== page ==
I've just come across this animation (over at reddit, thanks to Google) comparing the Sword Coast maps found in Storm King's Thunder and Sword Coast Adventurer's Guide.

(A few examples: Check the distance between Neverwinter and Helm's Hold, check where Raven Rock is, check where Mithrall Hall is, check where Beorunna's Well is, check where Citadel Felbarr is, etc.)

Is there any in-game, canonical reasoning behind the two maps being so different in so many places?

(Mind you, I do have SCAG, but I don't (yet) have SKT, so I can't check the latter myself.)


2 Answers 2


The first map had errors. The SKT map had those errors corrected. That's all there is to it.

Christopher Perkins · 27 Nov 2016
There were inconsistencies in previous maps, which we finally corrected in Storm King's Thunder. #WOTCstaff

Ross Cody · 27 Nov 2016
@ChrisPerkinsDnD STK: Mornbryn's Shield & Olostin's Hold - have their locations changed since the old material, or do the maps need a fix?


There likely isn't a canonical reason. The reason there are discrepancies is just likely due to the fact that these are hand-drawn maps by different mappers (at least I think they're different mappers).

I think it's important to remember that drawing fantasy maps isn't like mapping in the real world. In the real world, we have a network of GPS satellites that can give us practically pin-point accuracy as to the location of objects. Plus, we live in a world where we can actually just go outside and physically measure the distances between locations.

Not so with a fantasy map for a game world. The original author (Ed Greenwood?) of the Forgotten Realms probably roughed out a map like 30 years ago and slapped a scale on it. That map has probably been the basis of all other Forgotten Realms map since. Each new map is interpreted differently by each new artist that is commissioned to do a map. They're basically just drawing on best-guesses since all they have to inform them is guess work anyways. It's not like they can go to the Forgotten Realms and find out the exact position of everything.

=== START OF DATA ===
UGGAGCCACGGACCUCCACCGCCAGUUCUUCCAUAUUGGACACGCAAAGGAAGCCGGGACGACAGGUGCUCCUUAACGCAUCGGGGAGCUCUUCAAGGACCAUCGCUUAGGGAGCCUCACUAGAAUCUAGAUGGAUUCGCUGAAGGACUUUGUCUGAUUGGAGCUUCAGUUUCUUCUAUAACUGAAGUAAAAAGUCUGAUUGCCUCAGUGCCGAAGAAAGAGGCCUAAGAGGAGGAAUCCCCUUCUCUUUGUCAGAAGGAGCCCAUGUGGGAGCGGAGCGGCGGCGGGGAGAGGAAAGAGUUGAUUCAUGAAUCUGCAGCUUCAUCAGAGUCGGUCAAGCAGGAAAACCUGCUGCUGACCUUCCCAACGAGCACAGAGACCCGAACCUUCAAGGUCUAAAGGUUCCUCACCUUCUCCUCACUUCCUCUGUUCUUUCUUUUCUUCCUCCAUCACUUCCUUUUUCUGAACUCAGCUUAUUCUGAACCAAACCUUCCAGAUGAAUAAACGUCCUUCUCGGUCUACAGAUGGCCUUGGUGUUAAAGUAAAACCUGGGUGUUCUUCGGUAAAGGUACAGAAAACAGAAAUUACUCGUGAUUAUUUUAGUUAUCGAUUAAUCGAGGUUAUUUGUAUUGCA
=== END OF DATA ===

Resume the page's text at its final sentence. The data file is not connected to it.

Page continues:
Think about it this way. Someone tells you to draw a new map of the Sword Coast. So the first thing you do it look at an existing map to get the distances between location. But where did those distances come from? Likely from some adventure back in like 2nd Edition D&D that made a passing reference that the distance between Waterdeep and Neverwinter was 10 days on horseback. The margin of error on the accuracy of such a rough estimate could be huge. That's probably why when you look at those two maps you linked that some places are shifted quite a bit.

  • 4
    \$\begingroup\$ I don't think the two maps were drawn by different people. I guess both were made by Mike Schley. Perhaps different people edited / postprocessed them. In that case though there must be a design reason for moving places around -- and considering the medium, such a reason is at least moderately likely to appear / get referenced in-game as well. Sure, I have way, way earlier maps, but there's been stuff happening to the Realms that explains the changes. Also, who needs GPS sats when you have operative Gods, Divination magic, airships, spells letting you fly, etc? ;) \$\endgroup\$
    – OpaCitiZen
    Dec 5, 2016 at 17:10

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